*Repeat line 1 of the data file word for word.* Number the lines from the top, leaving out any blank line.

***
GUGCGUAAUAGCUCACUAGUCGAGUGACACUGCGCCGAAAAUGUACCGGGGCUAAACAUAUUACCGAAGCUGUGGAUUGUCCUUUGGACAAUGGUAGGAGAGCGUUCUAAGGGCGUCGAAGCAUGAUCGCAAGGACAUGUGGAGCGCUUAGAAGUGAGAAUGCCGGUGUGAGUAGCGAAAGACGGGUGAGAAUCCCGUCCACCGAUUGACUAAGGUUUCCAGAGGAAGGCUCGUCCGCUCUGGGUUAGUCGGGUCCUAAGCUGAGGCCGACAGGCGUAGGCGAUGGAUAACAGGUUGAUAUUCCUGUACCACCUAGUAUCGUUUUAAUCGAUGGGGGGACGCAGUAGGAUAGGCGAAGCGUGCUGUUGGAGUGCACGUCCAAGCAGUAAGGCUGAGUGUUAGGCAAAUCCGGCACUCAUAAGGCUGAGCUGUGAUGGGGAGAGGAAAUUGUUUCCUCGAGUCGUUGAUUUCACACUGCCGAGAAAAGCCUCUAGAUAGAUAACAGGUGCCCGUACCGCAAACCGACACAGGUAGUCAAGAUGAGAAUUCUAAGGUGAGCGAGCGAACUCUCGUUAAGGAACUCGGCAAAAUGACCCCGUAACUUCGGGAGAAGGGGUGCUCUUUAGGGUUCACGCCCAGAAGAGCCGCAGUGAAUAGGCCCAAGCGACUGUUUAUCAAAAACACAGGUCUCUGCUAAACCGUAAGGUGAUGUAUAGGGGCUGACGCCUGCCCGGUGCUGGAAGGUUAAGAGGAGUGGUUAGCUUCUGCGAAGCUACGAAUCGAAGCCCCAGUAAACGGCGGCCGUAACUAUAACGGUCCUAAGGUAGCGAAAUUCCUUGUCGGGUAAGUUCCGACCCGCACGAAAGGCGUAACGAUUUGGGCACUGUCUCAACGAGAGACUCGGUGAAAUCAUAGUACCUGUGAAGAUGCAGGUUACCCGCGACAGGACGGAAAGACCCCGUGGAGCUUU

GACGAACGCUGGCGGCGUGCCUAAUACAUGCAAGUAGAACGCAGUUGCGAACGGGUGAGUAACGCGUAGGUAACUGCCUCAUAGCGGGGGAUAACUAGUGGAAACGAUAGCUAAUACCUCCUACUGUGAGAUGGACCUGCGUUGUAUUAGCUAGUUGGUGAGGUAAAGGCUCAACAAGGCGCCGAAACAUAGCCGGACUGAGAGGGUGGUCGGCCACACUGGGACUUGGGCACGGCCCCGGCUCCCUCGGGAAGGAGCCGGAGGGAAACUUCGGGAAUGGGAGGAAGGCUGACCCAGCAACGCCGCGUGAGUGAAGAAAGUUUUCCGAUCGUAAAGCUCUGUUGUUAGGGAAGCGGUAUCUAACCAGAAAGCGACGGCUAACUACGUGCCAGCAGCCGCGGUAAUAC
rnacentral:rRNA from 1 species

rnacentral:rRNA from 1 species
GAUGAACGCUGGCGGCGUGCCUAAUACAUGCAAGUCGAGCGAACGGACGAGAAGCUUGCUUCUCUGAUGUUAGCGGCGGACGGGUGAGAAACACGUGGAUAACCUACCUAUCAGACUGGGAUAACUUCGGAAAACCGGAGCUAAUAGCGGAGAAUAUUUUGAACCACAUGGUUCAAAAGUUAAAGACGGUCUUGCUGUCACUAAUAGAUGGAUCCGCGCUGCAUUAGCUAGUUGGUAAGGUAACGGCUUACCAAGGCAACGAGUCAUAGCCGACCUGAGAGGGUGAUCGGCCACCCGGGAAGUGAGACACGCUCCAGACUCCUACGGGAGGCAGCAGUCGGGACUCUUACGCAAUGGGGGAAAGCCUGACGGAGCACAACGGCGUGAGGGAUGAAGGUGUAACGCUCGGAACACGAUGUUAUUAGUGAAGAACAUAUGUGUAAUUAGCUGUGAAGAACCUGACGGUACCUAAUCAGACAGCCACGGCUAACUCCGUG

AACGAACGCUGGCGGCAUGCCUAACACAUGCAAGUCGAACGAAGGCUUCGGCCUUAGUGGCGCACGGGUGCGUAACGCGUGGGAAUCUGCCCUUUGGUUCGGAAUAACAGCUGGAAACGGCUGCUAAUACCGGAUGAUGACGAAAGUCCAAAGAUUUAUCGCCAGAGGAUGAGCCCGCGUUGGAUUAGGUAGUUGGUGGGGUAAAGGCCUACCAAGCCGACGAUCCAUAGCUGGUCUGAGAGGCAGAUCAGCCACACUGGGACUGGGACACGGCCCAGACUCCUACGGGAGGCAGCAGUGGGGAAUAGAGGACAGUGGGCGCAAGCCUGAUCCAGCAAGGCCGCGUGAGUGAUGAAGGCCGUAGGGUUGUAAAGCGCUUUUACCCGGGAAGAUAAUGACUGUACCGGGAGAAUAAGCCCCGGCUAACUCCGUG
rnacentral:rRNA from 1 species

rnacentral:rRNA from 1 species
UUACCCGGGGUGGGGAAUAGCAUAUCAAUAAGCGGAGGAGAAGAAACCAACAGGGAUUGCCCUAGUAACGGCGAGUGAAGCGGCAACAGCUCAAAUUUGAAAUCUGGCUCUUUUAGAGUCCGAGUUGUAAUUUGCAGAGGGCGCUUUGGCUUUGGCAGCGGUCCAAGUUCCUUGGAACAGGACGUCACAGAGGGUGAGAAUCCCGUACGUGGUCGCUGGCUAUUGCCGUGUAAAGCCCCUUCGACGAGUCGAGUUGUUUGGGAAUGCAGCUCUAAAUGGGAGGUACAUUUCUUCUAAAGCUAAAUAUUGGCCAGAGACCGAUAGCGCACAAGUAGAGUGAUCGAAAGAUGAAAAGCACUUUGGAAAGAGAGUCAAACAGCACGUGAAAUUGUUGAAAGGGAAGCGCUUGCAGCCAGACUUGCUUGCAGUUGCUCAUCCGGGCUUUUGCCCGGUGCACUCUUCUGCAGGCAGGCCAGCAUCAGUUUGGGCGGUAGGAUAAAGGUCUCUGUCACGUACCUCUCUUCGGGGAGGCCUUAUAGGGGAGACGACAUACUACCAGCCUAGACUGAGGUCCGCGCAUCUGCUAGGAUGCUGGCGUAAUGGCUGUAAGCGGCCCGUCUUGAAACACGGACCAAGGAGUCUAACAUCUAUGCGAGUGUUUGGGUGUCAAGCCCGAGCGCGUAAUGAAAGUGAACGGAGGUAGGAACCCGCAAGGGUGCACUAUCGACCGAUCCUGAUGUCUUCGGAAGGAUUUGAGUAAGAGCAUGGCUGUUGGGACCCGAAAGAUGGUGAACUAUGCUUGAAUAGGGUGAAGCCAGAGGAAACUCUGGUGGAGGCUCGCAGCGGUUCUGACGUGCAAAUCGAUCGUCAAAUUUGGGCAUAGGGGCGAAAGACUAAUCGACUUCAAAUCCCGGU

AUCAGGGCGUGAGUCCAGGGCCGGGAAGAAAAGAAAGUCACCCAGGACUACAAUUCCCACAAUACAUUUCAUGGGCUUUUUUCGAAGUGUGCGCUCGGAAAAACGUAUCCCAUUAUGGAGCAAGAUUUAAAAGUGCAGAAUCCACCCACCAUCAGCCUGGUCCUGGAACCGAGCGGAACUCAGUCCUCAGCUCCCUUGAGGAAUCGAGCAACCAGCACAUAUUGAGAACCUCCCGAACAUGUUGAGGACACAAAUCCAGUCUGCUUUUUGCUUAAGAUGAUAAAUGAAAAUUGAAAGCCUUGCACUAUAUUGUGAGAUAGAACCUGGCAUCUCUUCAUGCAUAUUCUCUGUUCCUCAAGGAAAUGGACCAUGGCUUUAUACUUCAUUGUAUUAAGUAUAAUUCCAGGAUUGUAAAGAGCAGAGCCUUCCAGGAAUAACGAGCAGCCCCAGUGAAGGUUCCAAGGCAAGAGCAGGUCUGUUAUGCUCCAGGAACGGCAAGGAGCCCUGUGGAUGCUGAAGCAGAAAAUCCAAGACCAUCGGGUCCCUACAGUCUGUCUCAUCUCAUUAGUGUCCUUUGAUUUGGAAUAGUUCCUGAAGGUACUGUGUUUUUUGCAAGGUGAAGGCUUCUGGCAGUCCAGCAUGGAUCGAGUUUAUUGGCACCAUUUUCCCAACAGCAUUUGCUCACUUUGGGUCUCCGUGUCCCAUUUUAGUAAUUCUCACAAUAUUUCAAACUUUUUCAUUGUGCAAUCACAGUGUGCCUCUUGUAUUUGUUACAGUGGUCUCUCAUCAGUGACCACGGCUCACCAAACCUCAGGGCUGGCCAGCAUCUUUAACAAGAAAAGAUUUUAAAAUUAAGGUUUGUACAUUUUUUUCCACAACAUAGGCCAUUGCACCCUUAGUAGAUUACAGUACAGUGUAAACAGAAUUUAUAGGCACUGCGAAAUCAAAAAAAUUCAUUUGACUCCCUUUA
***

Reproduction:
GUGCGUAAUAGCUCACUAGUCGAGUGACACUGCGCCGAAAAUGUACCGGGGCUAAACAUAUUACCGAAGCUGUGGAUUGUCCUUUGGACAAUGGUAGGAGAGCGUUCUAAGGGCGUCGAAGCAUGAUCGCAAGGACAUGUGGAGCGCUUAGAAGUGAGAAUGCCGGUGUGAGUAGCGAAAGACGGGUGAGAAUCCCGUCCACCGAUUGACUAAGGUUUCCAGAGGAAGGCUCGUCCGCUCUGGGUUAGUCGGGUCCUAAGCUGAGGCCGACAGGCGUAGGCGAUGGAUAACAGGUUGAUAUUCCUGUACCACCUAGUAUCGUUUUAAUCGAUGGGGGGACGCAGUAGGAUAGGCGAAGCGUGCUGUUGGAGUGCACGUCCAAGCAGUAAGGCUGAGUGUUAGGCAAAUCCGGCACUCAUAAGGCUGAGCUGUGAUGGGGAGAGGAAAUUGUUUCCUCGAGUCGUUGAUUUCACACUGCCGAGAAAAGCCUCUAGAUAGAUAACAGGUGCCCGUACCGCAAACCGACACAGGUAGUCAAGAUGAGAAUUCUAAGGUGAGCGAGCGAACUCUCGUUAAGGAACUCGGCAAAAUGACCCCGUAACUUCGGGAGAAGGGGUGCUCUUUAGGGUUCACGCCCAGAAGAGCCGCAGUGAAUAGGCCCAAGCGACUGUUUAUCAAAAACACAGGUCUCUGCUAAACCGUAAGGUGAUGUAUAGGGGCUGACGCCUGCCCGGUGCUGGAAGGUUAAGAGGAGUGGUUAGCUUCUGCGAAGCUACGAAUCGAAGCCCCAGUAAACGGCGGCCGUAACUAUAACGGUCCUAAGGUAGCGAAAUUCCUUGUCGGGUAAGUUCCGACCCGCACGAAAGGCGUAACGAUUUGGGCACUGUCUCAACGAGAGACUCGGUGAAAUCAUAGUACCUGUGAAGAUGCAGGUUACCCGCGACAGGACGGAAAGACCCCGUGGAGCUUU